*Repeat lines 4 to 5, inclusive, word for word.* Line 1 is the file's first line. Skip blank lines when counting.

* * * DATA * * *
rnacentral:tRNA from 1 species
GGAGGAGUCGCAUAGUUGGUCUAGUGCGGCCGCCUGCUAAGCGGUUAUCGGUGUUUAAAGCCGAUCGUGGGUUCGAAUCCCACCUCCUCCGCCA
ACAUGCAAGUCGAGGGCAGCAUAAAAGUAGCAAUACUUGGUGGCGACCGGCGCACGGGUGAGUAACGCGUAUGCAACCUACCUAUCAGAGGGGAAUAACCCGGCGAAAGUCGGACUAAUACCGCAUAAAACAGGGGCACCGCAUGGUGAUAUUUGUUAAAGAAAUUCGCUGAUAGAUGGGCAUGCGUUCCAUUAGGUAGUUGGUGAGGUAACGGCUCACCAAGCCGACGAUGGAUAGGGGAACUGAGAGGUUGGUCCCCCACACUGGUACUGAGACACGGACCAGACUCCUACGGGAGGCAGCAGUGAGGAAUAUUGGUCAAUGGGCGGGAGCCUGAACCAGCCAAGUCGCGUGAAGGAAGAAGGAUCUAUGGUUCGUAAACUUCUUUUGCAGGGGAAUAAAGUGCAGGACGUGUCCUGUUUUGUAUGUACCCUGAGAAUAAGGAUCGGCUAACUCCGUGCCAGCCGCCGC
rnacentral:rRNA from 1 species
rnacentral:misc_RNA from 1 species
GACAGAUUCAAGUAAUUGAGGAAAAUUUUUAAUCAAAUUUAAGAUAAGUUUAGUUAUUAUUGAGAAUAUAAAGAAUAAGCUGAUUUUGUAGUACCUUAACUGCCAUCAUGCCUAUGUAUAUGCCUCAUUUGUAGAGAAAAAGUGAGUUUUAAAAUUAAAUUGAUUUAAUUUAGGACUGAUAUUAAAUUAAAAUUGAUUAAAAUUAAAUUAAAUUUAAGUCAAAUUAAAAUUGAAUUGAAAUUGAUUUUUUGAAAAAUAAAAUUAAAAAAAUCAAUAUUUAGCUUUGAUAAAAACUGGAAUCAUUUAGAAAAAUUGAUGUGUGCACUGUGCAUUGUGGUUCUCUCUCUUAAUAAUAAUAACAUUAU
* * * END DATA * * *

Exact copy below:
rnacentral:rRNA from 1 species
rnacentral:misc_RNA from 1 species